Laocoon and the Serpents
Reading time: 4 minutes. Word count: 600 words.
Through these tricks and the skill of perjured Sinon, the thing
and we were trapped, by his wiliness, and false tears,
we, who were not conquered by Diomede, or Larissan Achilles,
nor by the ten years of war, nor those thousand ships.
Then something greater and more terrible befalls
us wretches, and stirs our unsuspecting souls.
Laocoon, chosen by lot as priest of Neptune,
was sacrificing a huge bull at the customary altar.
See, a pair of serpents with huge coils, snaking over the sea
from Tenedos through the tranquil deep (I shudder to tell it),
and heading for the shore side by side: their fronts lift high
over the tide, and their blood-red crests top the waves,
the rest of their body slides through the ocean behind,
and their huge backs arch in voluminous folds.
There's a roar from the foaming sea: now they reach the shore,
and with burning eyes suffused with blood and fire,
lick at their hissing jaws with flickering tongues.
Blanching at the sight we scatter. They move
on a set course towards Laocoon: and first each serpent
entwines the slender bodies of his two sons,
and biting at them, devours their wretched limbs:
then as he comes to their aid, weapons in hand, they seize him too,
and wreathe him in massive coils: now encircling his waist twice,
twice winding their scaly folds around his throat,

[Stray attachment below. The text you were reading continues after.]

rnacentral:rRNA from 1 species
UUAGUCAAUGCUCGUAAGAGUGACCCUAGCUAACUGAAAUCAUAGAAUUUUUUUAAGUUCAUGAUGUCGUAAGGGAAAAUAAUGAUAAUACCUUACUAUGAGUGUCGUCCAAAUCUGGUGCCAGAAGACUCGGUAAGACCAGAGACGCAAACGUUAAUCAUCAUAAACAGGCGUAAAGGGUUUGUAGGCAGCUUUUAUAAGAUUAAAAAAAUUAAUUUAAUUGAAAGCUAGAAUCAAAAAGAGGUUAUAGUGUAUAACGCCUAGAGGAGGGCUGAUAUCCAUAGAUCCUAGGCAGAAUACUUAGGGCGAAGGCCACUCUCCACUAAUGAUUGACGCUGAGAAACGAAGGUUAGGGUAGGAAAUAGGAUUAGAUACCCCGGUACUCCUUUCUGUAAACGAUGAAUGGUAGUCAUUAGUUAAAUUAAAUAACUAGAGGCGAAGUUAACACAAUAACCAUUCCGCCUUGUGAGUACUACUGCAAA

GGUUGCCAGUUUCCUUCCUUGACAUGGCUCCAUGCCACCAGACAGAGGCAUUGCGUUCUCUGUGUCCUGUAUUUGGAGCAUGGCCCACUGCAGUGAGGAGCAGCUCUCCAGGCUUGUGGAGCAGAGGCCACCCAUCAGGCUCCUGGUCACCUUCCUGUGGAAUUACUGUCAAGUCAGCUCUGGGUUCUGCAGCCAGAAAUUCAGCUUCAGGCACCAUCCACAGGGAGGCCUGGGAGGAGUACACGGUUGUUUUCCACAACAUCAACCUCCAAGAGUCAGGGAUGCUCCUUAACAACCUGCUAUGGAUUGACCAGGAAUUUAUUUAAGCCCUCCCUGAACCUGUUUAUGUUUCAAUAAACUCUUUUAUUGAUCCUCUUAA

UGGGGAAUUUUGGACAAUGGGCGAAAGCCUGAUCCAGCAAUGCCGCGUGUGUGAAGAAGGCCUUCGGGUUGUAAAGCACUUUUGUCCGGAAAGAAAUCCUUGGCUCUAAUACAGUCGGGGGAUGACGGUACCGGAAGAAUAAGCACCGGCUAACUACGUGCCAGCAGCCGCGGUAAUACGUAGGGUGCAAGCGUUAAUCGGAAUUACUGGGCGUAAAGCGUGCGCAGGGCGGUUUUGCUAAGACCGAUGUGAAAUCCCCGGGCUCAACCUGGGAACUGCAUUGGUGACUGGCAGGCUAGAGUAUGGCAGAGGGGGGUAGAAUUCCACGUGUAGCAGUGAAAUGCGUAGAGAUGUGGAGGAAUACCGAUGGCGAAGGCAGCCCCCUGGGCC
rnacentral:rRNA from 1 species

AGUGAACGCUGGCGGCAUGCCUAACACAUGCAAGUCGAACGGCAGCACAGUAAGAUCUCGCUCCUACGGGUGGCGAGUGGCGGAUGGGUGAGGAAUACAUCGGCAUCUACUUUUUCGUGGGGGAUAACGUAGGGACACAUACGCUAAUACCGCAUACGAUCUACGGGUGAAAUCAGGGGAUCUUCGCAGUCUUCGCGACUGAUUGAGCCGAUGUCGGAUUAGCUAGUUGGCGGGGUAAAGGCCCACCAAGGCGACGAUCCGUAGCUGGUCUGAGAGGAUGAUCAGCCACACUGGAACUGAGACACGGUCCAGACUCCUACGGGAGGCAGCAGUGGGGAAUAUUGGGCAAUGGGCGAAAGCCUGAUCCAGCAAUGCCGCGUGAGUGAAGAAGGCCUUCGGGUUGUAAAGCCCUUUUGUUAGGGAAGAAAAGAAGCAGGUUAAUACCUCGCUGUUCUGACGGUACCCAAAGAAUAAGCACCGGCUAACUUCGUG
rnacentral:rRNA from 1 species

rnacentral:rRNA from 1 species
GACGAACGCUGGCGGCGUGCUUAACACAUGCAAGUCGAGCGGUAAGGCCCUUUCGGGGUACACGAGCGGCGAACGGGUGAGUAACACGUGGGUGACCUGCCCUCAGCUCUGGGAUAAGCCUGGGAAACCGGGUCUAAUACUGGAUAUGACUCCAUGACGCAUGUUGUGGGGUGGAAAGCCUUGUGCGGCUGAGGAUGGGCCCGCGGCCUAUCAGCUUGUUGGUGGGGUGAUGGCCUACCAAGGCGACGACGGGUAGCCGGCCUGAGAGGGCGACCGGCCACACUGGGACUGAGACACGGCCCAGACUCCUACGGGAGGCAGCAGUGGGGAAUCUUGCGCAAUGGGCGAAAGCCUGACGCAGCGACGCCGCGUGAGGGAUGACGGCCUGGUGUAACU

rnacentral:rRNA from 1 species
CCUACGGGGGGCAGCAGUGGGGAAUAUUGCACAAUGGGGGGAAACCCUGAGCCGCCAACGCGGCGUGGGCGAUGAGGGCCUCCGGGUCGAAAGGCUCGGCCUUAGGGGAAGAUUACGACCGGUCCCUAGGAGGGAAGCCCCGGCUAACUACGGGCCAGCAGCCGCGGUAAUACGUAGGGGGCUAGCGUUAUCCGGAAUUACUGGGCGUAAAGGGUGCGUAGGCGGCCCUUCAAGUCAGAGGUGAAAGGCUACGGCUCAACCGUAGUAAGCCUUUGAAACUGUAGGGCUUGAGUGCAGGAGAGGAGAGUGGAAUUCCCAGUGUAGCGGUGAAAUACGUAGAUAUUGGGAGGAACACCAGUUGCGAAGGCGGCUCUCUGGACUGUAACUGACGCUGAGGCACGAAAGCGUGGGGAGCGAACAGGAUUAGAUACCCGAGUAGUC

their high necks and heads tower above him.
He strains to burst the knots with his hands,
his sacred headband drenched in blood and dark venom,
while he sends terrible shouts up to the heavens,
like the bellowing of a bull that has fled wounded,
from the altar, shaking the useless axe from its neck.
But the serpent pair escape, slithering away to the high temple,
and seek the stronghold of fierce Pallas, to hide there
under the goddess's feet, and the circle of her shield.
Then in truth a strange terror steals through each shuddering heart,
and they say that Laocoon has justly suffered for his crime
in wounding the sacred oak-tree with his spear,
by hurling its wicked shaft into the trunk.
"Pull the statue to her house", they shout,
"and offer prayers to the goddess's divinity."
We breached the wall, and opened up the defences of the city.
All prepare themselves for the work and they set up wheels
allowing movement under its feet, and stretch hemp ropes
round its neck. That engine of fate mounts our walls
pregnant with armed men. Around it boys, and virgin girls,
sing sacred songs, and delight in touching their hands to the ropes:
Up it glides and rolls threateningly into the midst of the city.
O my country, O Ilium house of the gods, and you,
Trojan walls famous in war! Four times it sticks at the threshold
of the gates, and four times the weapons clash in its belly:
yet we press on regardless, blind with frenzy,
and site the accursed creature on top of our sacred citadel.
Even then Cassandra, who, by the god's decree, is never
to be believed by Trojans, reveals our future fate with her lips.
We unfortunate ones, for whom that day is our last,
clothe the gods' temples, throughout the city, with festive branches.
Meanwhile the heavens turn, and night rushes from the Ocean,
wrapping the earth, and sky, and the Myrmidons' tricks,
in its vast shadow: through the city the Trojans
fall silent: sleep enfolds their weary limbs.
Questions. Make sure you can answer these questions about what you just read:
Source: A.S.Kline, translator. Vergil's Aeneid (2002). Weblink. Kline has made his English translation of Vergil's Aeneid freely available over the Internet.
Languages / Anthropology 3043: Folklore & Mythology.
Laura Gibbs, Ph.D.
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